Yugen: Iridule
  • Production
  • Composition
  • Musicianship
  • Freshness

Marimba? Check. Harp? Check. Mandolin, tubax, thermin, mellotron, glockenspiel, prepared piano, contrabass, clarinet, hammond, etc? Check. Oh yeah, there’s guitars, bass, drums, and a bit of vocals in there too—I mean, Iridule is a rock album, right? Right… but it’s a rock album very unlike most. Italy’s Yugen definitely does not shy away from being at the cutting edge of progressive rock with their third album which maintains their signature avant-prog approach and RIO aesthetic. Complex meters with jolting time changes, frantic evolution of instrumentation, and an ultra deviant sense of melody and tonality, Iridule does just about everything it can to break the rock music norm, going far beyond where most “progressive” acts would even dare.


I do not hesitate to say that Yugen has perfected their craft with this third release. With little use of distorted guitars, Yugen brilliantly pulls off moments that are dark and heavy enough to more than satisfy the most extreme metal fan’s crave for brutality. However, Iridule does not short-change the listener when it comes to beautifully crafted subdued passages; large portions of each song are dedicated to the fabulous weaving of uncanny textures that never allow you to just sit back and passively listen. At other times Iridule can be quite the psychotic mix of 20th century atonality violently blended with jazz fusion and funk.

What impresses me so much about this album is that somehow, in all of its avant-rock glory, Iridule comes off as a strangely approachable album. I attribute this to three key aspects of their music that ensures that the active listener sees the big picture, and thus does not drown in the more “experimental” elements: Iridule is an album laced with tangible texture, strong themes, and discovery. Their constant use of a/polytonal percussion by means of marimba, glockenspiel, prepared piano, and harpsichord creates a dense fabric of texture that transcends your auditory senses. Its effects are often dark, haunting, or dreamlike, as they transform, evolve, and flow in ultra smooth ways that make sense despite the absence of tonal clarity. There exists the sensation of touching this music as its sound waves seem to physically envelop you.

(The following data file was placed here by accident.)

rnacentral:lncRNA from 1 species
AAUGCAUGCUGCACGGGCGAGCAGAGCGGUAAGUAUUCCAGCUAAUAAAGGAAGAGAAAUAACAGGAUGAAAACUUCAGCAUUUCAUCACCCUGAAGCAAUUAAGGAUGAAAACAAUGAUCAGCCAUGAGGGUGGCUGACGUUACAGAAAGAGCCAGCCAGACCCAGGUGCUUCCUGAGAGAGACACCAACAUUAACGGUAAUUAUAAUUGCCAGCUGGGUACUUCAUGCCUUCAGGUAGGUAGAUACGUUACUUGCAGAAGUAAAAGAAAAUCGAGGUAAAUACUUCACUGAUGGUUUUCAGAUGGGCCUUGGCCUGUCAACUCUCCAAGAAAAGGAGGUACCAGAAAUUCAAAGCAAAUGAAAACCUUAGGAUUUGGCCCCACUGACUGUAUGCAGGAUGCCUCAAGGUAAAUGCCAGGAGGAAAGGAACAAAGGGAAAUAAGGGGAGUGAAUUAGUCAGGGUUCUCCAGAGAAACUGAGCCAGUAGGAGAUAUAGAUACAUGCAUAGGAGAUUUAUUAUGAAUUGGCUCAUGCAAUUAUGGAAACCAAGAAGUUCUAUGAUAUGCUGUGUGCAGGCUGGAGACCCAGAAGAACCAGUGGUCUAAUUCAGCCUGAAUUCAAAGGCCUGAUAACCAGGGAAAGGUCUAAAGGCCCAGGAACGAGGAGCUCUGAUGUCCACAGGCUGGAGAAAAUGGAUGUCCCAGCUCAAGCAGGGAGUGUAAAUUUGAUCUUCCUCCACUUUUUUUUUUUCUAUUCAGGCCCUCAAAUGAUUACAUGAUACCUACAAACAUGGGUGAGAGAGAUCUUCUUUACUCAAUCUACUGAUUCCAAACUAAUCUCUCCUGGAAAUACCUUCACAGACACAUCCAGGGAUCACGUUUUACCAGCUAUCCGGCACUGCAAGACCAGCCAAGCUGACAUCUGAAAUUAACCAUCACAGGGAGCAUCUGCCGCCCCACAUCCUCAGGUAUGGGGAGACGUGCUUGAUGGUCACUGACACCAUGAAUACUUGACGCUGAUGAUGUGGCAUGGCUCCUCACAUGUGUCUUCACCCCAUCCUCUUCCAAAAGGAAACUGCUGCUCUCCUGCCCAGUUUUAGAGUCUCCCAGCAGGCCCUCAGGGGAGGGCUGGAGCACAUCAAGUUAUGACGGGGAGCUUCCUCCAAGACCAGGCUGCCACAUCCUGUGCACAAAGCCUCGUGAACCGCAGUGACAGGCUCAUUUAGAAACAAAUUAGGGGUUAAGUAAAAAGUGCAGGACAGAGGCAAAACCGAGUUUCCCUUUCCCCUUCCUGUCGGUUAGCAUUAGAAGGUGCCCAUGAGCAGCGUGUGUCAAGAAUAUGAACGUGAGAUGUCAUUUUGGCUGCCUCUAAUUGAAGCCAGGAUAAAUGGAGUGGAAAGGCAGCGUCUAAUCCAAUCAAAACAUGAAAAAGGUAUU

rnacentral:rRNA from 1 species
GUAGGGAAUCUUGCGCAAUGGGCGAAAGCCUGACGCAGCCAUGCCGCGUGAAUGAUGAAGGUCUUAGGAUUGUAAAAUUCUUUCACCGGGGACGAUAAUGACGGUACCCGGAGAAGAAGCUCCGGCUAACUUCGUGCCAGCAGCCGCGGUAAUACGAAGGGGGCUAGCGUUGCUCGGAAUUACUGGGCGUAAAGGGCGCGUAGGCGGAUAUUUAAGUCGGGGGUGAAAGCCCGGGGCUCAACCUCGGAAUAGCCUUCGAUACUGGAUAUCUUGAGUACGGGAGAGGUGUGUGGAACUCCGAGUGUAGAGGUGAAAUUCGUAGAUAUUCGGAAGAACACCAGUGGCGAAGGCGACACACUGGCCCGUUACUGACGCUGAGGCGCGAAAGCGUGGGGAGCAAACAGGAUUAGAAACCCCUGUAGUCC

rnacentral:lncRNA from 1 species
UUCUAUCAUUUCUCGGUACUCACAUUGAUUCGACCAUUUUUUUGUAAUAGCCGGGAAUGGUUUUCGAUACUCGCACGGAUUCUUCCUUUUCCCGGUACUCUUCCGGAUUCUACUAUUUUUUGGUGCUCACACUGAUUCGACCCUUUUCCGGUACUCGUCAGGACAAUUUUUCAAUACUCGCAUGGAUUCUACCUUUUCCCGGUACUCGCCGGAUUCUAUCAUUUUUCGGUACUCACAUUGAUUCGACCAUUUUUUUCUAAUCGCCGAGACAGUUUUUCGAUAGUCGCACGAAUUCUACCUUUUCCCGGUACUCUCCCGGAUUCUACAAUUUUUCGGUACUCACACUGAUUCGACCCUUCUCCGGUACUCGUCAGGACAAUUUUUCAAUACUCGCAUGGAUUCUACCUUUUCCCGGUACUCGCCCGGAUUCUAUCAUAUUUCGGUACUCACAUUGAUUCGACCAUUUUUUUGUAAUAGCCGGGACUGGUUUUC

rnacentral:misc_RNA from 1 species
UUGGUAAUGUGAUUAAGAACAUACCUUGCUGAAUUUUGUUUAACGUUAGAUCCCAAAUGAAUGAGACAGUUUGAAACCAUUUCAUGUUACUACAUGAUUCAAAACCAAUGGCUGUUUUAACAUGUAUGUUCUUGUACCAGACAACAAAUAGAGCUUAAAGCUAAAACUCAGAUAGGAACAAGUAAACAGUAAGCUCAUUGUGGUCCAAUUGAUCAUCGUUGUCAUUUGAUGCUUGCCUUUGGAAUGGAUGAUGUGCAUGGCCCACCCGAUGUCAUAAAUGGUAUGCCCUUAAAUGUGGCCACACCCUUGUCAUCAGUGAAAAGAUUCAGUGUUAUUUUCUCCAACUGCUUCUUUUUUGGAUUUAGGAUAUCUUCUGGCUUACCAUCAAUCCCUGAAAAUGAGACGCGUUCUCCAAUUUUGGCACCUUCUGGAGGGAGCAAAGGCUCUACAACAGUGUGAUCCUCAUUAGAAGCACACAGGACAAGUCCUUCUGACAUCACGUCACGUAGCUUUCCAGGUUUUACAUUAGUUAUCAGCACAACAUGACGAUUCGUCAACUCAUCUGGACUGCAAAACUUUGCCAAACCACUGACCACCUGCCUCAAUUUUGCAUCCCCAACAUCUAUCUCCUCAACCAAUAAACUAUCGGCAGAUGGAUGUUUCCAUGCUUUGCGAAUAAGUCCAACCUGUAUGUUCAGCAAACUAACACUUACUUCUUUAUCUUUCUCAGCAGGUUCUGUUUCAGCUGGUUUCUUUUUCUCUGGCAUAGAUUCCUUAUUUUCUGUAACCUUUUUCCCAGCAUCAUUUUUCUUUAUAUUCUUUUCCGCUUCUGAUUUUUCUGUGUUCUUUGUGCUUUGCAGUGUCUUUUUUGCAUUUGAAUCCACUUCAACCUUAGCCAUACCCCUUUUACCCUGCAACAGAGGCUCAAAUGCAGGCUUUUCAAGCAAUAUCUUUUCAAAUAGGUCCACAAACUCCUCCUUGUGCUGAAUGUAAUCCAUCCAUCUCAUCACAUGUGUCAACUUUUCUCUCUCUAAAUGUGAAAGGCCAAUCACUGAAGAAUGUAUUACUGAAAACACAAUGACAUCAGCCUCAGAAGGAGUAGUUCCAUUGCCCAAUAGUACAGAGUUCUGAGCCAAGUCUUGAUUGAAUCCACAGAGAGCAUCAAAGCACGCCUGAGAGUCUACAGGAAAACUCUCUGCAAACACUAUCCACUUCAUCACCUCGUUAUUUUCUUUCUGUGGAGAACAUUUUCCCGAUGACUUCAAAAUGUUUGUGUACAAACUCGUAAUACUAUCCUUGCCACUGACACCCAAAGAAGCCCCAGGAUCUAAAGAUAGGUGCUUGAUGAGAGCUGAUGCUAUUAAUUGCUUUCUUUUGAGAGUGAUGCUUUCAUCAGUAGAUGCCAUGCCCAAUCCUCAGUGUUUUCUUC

Yugen makes great use of recognizable motifs in most every song on this album. After a couple of listens you come to realize that Iridule has its conventions that make the listener a part of an intricate conversation between instruments, melodies, and rhythms. Yugen tends to take a melody or rhythm and play with it throughout the entire song; it may be a short sequence of note values or a chromatic run, but you will definitely hear it bouncing around and being twisted and torn apart by the plethora of instruments that each song presents.
Finally, there is an exciting aspect of discovery in Yugen’s music. Although it is initially a bit confusing, I was surprised by how quickly I found myself recognizing distinctive elements of their music. It is chaotic, yet somehow predictable once you begin to get in on their secrets. I often find myself playing the game of trying to seek out and recognize conventions and motifs in each song; Iridule has great replay value; it empowers the listener to discover new things about the music with each listen.

The lyrics for the album, taken from Vladimir Nabokov’s postmodern novel Pale Fire, provide insight into the heart of the album. Nabokov’s synesthesia somehow serves as an overlying structure for this work of art presented in a medium that is auditory by nature (music), but somehow appeals more to the sense of touch than anything else. Yugen’s choice to use Nabokov’s words, “We are most artistically caged,” at the end of the first vocal interlude, carries a glaring sense of irony. Nothing could be further from the truth when it comes to this fine album that Yugen offers us. Iridule successfully manages to transcend genre boundaries; it is somehow a jazz album without being jazz, a metal album without being metal, a prog album without being prog, and even a 20th century classical album without being classical (or released in the 20th century, for that matter). Iridule, while being a hard album to place, is a fantastic musical journey and an essential album for all those who still enjoy sitting down and listening actively to music. Highly recommended!